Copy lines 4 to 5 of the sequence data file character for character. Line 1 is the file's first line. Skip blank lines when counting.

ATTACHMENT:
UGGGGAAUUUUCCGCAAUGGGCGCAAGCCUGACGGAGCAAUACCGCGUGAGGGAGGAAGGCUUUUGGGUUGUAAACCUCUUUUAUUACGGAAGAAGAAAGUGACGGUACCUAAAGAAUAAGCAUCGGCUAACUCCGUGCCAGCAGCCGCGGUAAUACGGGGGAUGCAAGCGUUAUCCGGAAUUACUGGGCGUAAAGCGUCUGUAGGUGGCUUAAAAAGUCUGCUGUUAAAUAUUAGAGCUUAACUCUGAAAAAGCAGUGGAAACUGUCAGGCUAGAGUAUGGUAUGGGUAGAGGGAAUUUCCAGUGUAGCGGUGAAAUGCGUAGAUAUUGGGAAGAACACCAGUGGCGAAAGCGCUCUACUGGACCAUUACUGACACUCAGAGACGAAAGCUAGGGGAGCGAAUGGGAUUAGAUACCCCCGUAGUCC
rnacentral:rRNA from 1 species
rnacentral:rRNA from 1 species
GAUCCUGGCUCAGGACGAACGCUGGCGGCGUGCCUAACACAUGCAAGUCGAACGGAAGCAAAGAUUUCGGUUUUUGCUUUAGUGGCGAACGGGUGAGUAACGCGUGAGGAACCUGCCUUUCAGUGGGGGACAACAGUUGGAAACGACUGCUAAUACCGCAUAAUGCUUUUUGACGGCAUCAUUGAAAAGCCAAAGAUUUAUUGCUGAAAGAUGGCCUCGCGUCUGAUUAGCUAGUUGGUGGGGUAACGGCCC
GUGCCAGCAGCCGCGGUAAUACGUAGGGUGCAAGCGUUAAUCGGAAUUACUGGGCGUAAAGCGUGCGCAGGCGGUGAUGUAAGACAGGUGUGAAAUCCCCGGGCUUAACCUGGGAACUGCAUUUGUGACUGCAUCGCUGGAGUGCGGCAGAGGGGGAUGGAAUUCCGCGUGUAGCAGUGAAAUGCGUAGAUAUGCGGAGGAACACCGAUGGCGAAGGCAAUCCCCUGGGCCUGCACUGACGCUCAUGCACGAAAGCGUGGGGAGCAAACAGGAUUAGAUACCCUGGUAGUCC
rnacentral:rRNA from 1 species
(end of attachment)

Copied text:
GAUCCUGGCUCAGGACGAACGCUGGCGGCGUGCCUAACACAUGCAAGUCGAACGGAAGCAAAGAUUUCGGUUUUUGCUUUAGUGGCGAACGGGUGAGUAACGCGUGAGGAACCUGCCUUUCAGUGGGGGACAACAGUUGGAAACGACUGCUAAUACCGCAUAAUGCUUUUUGACGGCAUCAUUGAAAAGCCAAAGAUUUAUUGCUGAAAGAUGGCCUCGCGUCUGAUUAGCUAGUUGGUGGGGUAACGGCCC
GUGCCAGCAGCCGCGGUAAUACGUAGGGUGCAAGCGUUAAUCGGAAUUACUGGGCGUAAAGCGUGCGCAGGCGGUGAUGUAAGACAGGUGUGAAAUCCCCGGGCUUAACCUGGGAACUGCAUUUGUGACUGCAUCGCUGGAGUGCGGCAGAGGGGGAUGGAAUUCCGCGUGUAGCAGUGAAAUGCGUAGAUAUGCGGAGGAACACCGAUGGCGAAGGCAAUCCCCUGGGCCUGCACUGACGCUCAUGCACGAAAGCGUGGGGAGCAAACAGGAUUAGAUACCCUGGUAGUCC